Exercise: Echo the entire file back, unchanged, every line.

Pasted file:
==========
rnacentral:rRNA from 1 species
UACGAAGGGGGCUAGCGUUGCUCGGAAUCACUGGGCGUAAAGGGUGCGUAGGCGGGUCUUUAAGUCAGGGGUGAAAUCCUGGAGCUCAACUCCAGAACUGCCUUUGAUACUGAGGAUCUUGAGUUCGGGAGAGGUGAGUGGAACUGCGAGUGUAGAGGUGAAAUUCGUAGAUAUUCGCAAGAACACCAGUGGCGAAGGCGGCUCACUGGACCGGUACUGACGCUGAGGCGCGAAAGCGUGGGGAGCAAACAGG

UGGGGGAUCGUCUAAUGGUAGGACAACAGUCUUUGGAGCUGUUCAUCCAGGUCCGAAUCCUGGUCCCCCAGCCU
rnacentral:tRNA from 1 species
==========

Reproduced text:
rnacentral:rRNA from 1 species
UACGAAGGGGGCUAGCGUUGCUCGGAAUCACUGGGCGUAAAGGGUGCGUAGGCGGGUCUUUAAGUCAGGGGUGAAAUCCUGGAGCUCAACUCCAGAACUGCCUUUGAUACUGAGGAUCUUGAGUUCGGGAGAGGUGAGUGGAACUGCGAGUGUAGAGGUGAAAUUCGUAGAUAUUCGCAAGAACACCAGUGGCGAAGGCGGCUCACUGGACCGGUACUGACGCUGAGGCGCGAAAGCGUGGGGAGCAAACAGG

UGGGGGAUCGUCUAAUGGUAGGACAACAGUCUUUGGAGCUGUUCAUCCAGGUCCGAAUCCUGGUCCCCCAGCCU
rnacentral:tRNA from 1 species